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A moment! At Skidmore’s 2nd Bernstein night, a gift

Chronicle Managing Editor Cathy DeDe writes: Sometimes a concert is about so much more than just the music.

Skidmore College’s second concert in its celebration of Leonard Bernstein’s centennial this year was such an event — music, yes, and edifying at that — but the wallop this concert punched had everything to do with a series of connections greater than any one of its parts.

From nearly the get-go, the concert felt like a collaboration with the audience.

Consider its structure: After a warm introduction, they opened with a five-movement, highly intellectual piece Bernstein wrote in 1954 for violin (played here by Michael Emery of the Glens Falls Symphony), with string orchestra and percussion.

It was inspired by the characters in Plato’s Symposium, musical portraits of ancient Greek philosophers, best appreciated with some smarts if you had ’em.

After the concert Alexander Bernstein (right), the son of Leonard Bernstsein, met with guests, including some of the kid narrators of Carnival of the Animals, who are seen here. Chronicle photo/Cathy DeDe

Before the show, at intermission and afterwards, students in Skidmore’s Bernstein Seminar displayed posterboards of their research about episodes of the musical figure’s famed Young People’s Concerts — connections to be made, table by table.

Then there was a lengthy but charming panel talk with two esteemed adult musicians who had performed as youths in the Young People’s Concerts. This was accompanied by clips from the televised series, including Bernstein’s very introductions of our guest artists, back when.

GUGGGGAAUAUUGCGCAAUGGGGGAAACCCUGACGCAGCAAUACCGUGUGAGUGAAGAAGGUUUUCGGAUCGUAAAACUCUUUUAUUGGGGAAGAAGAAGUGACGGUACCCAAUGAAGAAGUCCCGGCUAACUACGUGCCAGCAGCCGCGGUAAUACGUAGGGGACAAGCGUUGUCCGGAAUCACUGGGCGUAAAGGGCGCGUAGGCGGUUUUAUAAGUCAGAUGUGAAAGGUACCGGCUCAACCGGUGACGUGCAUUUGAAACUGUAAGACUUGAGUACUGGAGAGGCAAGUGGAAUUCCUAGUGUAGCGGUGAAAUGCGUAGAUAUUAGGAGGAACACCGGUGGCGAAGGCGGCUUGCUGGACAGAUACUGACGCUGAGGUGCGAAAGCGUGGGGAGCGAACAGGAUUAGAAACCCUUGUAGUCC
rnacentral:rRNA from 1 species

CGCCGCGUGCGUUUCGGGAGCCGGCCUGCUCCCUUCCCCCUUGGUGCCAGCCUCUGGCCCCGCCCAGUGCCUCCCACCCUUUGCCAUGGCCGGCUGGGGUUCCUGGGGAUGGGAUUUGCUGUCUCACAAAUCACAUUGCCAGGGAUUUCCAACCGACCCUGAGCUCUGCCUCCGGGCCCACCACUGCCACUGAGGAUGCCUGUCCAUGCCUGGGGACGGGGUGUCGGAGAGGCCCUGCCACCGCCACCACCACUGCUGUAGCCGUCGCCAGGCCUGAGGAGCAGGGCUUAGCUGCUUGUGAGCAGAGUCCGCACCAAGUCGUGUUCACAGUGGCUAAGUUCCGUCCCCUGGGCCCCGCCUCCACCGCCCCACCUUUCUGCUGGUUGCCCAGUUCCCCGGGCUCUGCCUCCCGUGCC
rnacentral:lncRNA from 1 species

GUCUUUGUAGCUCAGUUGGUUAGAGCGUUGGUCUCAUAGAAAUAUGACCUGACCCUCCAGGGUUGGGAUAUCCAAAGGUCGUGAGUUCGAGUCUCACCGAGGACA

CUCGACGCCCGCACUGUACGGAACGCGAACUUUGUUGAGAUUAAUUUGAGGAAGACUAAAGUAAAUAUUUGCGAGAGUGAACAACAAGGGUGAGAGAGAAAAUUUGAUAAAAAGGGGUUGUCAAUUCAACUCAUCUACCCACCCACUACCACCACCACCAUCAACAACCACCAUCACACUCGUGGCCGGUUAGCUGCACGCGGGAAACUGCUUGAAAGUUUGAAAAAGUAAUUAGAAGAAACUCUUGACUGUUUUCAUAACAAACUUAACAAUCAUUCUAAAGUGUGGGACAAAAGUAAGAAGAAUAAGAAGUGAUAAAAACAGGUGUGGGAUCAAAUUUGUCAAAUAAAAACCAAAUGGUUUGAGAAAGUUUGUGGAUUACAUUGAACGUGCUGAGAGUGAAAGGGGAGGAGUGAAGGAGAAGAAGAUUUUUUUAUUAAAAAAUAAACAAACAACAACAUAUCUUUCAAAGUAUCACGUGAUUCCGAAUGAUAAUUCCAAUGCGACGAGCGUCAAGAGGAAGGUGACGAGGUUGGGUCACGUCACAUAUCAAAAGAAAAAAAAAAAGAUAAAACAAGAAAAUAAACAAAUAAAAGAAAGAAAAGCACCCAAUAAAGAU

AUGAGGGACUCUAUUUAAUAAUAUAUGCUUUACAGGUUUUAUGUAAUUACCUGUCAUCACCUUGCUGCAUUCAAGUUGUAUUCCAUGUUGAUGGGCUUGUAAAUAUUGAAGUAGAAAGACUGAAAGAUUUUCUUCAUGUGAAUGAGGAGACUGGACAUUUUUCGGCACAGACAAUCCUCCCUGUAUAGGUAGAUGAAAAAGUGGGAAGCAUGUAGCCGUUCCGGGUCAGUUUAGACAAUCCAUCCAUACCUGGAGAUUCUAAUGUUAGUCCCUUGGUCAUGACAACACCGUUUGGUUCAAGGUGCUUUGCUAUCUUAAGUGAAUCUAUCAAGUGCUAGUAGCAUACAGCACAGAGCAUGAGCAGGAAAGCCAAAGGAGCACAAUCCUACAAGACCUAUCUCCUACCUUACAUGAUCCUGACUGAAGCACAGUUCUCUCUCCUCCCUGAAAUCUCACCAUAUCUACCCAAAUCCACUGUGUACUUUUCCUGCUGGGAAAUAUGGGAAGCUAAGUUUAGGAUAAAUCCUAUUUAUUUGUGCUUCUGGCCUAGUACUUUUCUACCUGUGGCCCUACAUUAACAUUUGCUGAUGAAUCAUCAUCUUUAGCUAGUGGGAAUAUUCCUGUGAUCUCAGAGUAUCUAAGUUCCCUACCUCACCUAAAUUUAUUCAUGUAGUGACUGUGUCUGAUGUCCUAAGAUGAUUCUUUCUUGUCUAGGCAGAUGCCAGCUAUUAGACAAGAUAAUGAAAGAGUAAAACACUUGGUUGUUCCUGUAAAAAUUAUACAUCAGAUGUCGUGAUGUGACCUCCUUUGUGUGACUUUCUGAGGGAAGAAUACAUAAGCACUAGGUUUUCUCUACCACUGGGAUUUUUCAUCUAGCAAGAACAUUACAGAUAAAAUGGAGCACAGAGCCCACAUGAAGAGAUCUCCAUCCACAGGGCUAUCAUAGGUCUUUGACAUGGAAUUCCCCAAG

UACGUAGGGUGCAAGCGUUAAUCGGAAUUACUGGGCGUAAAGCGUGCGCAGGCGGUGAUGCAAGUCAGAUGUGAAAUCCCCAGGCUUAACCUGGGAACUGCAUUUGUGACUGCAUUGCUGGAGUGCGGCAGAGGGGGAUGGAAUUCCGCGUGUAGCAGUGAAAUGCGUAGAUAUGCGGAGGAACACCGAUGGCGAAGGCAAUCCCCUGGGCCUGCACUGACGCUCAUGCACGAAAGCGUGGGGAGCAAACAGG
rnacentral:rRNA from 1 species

I loved seeing in the clips how easily Bernstein talked sense about music to the kids in the audience.

His adult son, now an education advocate, was in on the panel too. A star!

Finally, charmingest of all, they warped time to perform Saint-Saëns’ Carnival of Animals — the piece our two then-young guest musicians did. They repeated it here with brilliance. I cried to hear Gary Karr on the double bass swell through his unusual transcription of the iconic and lovely “The Swan,” virtually a teardrop of music itself.

Narrations were taken from Bernstein’s script of the time, themselves adapted from Ogden Nash’s cheery text. Here they were performed by an exquisitely rehearsed gaggle of Saratoga schoolchildren in their dressed-up best.

The absolute elation of the night was the Saint-Saëns Finale, when a couple of the youngest among them let loose, dancing in their seats in perfect time to the lively music.

Like the children immortalized in those Young People’s Concerts, these kids have learned something lasting, in the wisest, kindest way.

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